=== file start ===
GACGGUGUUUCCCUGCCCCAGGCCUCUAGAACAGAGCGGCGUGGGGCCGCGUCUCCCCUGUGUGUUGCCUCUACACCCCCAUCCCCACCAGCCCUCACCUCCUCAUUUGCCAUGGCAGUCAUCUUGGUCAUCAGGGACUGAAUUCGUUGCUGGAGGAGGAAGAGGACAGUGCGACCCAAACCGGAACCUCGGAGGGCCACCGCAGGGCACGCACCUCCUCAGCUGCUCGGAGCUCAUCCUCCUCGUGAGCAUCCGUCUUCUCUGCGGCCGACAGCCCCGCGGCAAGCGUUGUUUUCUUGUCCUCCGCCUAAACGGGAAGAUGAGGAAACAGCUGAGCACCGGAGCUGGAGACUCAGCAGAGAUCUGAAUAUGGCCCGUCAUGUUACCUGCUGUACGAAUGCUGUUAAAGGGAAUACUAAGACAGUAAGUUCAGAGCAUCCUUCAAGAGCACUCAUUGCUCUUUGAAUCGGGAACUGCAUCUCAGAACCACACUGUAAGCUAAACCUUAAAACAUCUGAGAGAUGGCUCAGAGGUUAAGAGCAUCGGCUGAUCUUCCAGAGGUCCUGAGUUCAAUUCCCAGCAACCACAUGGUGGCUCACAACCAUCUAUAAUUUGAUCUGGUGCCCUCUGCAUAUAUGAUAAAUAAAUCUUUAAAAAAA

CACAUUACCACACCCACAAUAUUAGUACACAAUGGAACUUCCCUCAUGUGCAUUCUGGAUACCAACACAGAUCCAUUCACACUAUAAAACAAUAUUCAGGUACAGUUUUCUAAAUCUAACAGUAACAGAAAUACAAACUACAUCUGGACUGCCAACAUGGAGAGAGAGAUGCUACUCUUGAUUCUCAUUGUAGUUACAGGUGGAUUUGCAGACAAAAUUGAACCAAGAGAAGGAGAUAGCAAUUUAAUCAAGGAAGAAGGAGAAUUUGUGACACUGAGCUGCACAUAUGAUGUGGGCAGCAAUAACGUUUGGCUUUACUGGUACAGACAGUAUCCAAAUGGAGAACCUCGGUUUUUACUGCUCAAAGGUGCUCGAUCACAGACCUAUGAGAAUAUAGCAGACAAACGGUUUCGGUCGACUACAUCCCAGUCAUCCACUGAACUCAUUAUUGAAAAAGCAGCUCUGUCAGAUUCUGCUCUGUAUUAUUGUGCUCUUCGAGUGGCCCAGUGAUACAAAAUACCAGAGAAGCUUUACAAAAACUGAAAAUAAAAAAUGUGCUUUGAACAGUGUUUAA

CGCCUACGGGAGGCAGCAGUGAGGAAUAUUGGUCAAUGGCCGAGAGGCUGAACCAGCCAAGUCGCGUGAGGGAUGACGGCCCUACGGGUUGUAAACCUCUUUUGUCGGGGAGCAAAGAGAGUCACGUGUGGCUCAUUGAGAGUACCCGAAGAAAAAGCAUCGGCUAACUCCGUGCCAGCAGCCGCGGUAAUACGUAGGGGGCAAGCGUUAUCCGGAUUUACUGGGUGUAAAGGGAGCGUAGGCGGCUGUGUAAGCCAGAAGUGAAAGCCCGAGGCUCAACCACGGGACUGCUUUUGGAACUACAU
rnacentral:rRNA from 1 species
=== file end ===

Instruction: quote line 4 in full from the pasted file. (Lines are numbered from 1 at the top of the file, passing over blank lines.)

rnacentral:rRNA from 1 species